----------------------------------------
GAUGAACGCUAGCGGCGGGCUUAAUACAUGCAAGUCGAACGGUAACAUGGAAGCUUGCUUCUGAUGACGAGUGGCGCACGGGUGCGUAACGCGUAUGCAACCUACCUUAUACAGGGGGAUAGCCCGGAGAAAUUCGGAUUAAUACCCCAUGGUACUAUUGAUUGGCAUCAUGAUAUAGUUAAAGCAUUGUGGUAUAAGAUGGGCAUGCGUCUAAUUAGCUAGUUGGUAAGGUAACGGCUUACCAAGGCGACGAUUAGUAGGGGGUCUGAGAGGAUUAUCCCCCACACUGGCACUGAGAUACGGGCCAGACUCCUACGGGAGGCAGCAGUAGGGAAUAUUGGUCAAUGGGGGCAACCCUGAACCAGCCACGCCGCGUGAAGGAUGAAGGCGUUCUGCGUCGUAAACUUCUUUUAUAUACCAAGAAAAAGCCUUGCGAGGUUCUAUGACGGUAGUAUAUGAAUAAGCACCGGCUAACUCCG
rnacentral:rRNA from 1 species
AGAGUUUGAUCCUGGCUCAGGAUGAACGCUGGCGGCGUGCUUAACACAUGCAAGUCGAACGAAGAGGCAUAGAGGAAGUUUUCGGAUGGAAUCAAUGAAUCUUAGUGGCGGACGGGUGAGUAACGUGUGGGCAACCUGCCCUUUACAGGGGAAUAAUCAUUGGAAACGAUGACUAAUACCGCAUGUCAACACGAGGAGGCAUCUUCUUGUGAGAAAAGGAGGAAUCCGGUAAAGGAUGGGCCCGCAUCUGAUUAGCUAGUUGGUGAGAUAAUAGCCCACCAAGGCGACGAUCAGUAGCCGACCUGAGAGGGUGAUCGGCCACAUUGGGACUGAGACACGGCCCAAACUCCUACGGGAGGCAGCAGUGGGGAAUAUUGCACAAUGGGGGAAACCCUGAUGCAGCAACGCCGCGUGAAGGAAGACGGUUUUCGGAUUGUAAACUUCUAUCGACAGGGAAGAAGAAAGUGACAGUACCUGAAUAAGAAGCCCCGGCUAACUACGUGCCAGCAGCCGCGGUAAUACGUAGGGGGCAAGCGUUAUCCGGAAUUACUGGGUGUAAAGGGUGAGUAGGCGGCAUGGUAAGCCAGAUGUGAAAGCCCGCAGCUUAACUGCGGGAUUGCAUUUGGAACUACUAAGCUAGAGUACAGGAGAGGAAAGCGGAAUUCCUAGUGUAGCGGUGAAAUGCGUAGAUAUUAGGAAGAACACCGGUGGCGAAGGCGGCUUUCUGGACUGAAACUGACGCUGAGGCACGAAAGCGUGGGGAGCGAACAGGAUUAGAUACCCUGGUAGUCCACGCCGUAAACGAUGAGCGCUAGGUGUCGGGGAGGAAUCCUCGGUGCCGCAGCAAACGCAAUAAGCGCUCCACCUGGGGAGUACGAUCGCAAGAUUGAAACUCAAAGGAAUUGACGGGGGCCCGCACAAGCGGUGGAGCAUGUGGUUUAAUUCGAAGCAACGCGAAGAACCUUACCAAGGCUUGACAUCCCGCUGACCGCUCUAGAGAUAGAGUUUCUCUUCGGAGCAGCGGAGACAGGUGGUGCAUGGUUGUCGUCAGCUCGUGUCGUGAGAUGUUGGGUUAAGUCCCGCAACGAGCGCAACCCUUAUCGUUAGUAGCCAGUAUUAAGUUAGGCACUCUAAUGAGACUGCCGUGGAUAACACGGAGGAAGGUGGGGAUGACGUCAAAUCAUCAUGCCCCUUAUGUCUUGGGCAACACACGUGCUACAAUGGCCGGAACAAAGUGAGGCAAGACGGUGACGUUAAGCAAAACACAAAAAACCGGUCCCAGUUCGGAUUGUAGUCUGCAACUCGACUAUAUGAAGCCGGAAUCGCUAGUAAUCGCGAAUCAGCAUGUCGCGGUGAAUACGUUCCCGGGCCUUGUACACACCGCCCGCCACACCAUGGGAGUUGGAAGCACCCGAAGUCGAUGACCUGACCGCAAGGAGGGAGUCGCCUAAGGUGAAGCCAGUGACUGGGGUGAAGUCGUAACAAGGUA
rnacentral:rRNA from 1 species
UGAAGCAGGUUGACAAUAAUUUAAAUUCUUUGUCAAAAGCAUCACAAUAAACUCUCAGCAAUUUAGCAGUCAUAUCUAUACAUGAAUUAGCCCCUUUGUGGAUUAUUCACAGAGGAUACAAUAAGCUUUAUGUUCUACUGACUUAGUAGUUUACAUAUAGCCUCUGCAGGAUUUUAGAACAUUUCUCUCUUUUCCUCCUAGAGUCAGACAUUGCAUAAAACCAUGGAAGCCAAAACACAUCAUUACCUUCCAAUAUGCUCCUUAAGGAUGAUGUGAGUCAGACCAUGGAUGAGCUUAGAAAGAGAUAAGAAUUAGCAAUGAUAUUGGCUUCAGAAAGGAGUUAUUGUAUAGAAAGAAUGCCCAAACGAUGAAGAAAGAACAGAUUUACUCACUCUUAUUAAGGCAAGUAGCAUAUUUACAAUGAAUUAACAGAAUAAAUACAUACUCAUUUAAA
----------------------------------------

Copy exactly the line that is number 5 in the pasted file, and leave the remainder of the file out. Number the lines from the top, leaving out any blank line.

UGAAGCAGGUUGACAAUAAUUUAAAUUCUUUGUCAAAAGCAUCACAAUAAACUCUCAGCAAUUUAGCAGUCAUAUCUAUACAUGAAUUAGCCCCUUUGUGGAUUAUUCACAGAGGAUACAAUAAGCUUUAUGUUCUACUGACUUAGUAGUUUACAUAUAGCCUCUGCAGGAUUUUAGAACAUUUCUCUCUUUUCCUCCUAGAGUCAGACAUUGCAUAAAACCAUGGAAGCCAAAACACAUCAUUACCUUCCAAUAUGCUCCUUAAGGAUGAUGUGAGUCAGACCAUGGAUGAGCUUAGAAAGAGAUAAGAAUUAGCAAUGAUAUUGGCUUCAGAAAGGAGUUAUUGUAUAGAAAGAAUGCCCAAACGAUGAAGAAAGAACAGAUUUACUCACUCUUAUUAAGGCAAGUAGCAUAUUUACAAUGAAUUAACAGAAUAAAUACAUACUCAUUUAAA